Carrel-Billiard weighed in on the French proposal to tax financial transactions, which may be finalized in September and may or may not be consistent with those spelled out by regulatory regimes in other countries. A financial-transaction tax “should be applied universally so that it does not create distortions from a competition point of view,” he said.
In Carrel-Billiard’s view, the size of an asset manager will become increasingly important as a criteria for investors. “With size come advantages in terms of market access, brand awareness, the ability to attract, retain and motivate the right talent, and the ability to absorb the increasingly high cost of regulation,” he said. “There will always be a polarization between large and boutique managers, but it is not a business where you can be two men and a dog in a garage anymore.”
Investment management is a cyclical business that is now in the down phase of the cycle, which “should put some players under pressure and trigger some consolidation,” Carrel-Billiard said. “The question is then, how will consolidation happen?”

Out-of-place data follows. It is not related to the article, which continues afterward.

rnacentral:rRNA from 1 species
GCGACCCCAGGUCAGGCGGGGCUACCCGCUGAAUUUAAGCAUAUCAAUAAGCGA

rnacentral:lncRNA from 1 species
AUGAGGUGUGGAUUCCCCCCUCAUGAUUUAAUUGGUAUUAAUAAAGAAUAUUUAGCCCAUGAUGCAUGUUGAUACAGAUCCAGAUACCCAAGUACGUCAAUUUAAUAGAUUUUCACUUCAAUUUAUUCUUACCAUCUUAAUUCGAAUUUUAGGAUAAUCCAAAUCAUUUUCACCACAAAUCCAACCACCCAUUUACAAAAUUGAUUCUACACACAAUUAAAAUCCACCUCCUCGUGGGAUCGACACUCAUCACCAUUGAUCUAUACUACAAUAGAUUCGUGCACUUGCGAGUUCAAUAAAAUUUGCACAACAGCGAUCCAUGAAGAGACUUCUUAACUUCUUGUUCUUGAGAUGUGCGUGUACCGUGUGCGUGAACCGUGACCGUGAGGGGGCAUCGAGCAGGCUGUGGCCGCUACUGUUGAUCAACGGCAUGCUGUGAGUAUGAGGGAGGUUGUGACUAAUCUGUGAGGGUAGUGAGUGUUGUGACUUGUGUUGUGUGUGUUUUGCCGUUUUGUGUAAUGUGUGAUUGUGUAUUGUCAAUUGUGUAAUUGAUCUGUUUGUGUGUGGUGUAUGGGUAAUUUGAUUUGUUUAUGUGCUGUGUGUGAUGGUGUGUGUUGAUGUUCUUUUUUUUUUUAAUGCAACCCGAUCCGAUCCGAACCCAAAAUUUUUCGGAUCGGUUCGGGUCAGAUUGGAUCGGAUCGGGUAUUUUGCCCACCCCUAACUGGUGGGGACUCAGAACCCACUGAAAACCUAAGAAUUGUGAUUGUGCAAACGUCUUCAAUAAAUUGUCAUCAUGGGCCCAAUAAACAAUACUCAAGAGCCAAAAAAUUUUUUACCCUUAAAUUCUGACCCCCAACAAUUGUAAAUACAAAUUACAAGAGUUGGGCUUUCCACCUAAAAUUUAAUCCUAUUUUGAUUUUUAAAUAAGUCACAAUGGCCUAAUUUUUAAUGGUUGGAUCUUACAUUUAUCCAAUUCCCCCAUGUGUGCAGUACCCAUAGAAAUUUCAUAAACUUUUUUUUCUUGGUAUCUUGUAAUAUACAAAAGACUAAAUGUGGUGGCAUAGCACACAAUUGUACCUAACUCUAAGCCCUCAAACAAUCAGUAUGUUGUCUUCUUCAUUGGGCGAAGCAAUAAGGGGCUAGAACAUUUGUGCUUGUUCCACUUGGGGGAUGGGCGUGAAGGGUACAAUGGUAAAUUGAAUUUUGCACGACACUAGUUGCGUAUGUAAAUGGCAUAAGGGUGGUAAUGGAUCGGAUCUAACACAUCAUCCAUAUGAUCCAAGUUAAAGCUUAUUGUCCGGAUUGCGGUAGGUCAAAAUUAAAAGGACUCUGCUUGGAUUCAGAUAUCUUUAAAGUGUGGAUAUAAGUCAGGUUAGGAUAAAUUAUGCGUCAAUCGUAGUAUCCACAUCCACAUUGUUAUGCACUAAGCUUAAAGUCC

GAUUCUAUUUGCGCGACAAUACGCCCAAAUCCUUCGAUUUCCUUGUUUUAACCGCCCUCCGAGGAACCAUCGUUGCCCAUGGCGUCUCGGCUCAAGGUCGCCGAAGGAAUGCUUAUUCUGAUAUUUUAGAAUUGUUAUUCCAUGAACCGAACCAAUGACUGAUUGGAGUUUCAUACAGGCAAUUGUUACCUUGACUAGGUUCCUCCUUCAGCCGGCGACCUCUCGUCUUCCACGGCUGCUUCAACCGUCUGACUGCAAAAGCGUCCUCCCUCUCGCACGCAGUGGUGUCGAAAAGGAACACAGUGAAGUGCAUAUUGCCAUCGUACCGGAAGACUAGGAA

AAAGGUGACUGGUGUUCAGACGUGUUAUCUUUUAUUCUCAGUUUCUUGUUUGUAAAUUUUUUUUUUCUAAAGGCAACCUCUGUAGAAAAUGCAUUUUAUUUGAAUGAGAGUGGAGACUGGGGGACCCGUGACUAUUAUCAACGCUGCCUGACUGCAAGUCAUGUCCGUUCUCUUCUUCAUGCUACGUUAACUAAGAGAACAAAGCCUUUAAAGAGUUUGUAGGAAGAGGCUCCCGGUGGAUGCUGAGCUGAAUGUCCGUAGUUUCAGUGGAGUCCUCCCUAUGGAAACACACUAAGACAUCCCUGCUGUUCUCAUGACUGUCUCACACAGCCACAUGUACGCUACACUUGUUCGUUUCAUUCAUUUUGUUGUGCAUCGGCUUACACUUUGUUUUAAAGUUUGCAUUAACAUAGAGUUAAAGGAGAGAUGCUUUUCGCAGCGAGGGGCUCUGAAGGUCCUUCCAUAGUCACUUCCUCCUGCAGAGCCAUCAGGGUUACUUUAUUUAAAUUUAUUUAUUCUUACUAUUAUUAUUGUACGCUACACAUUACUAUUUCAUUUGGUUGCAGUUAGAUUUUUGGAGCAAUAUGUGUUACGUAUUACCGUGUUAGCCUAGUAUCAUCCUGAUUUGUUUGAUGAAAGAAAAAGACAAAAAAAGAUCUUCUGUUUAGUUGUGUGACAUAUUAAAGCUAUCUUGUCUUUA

Carrel-Billiard opined that consolidation is already happening in the investment management business; not the Fidelity-buys-Vanguard kind of consolidation that generates headlines, but rather an ongoing rich-get-richer dynamic.
“You have a group of players — not many more than five to seven — that are concentrating net new money flows in the industry, and are in very positive territory at the expense of everyone else,” Carrel-Billiard said. “They are consolidating the industry organically…Consolidation will take place more through organic market-share gains and natural attrition.”
Axa IM generated revenue of 610 million euros ($753 million) in the first half of 2012, down 6% from the year-earlier period. The company cited lower performance fees and lower real-estate transaction fees for the decline.
Carrel-Billiard, married with three children, enjoys playing tennis in his spare time. In tennis parlance, his investment view can be likened to the economy and financial markets laboring through a difficult set in a doubles match against bearishness and growth depressors, but the former duo is in a good position to gain the upper hand in subsequent sets.
“Crises are a recurring phenomenon of capitalism; I think this is just one of those, but it is particularly severe,” Carrel- Billiard said. “Long term, one can only be optimistic because history has proven we get out of crises.”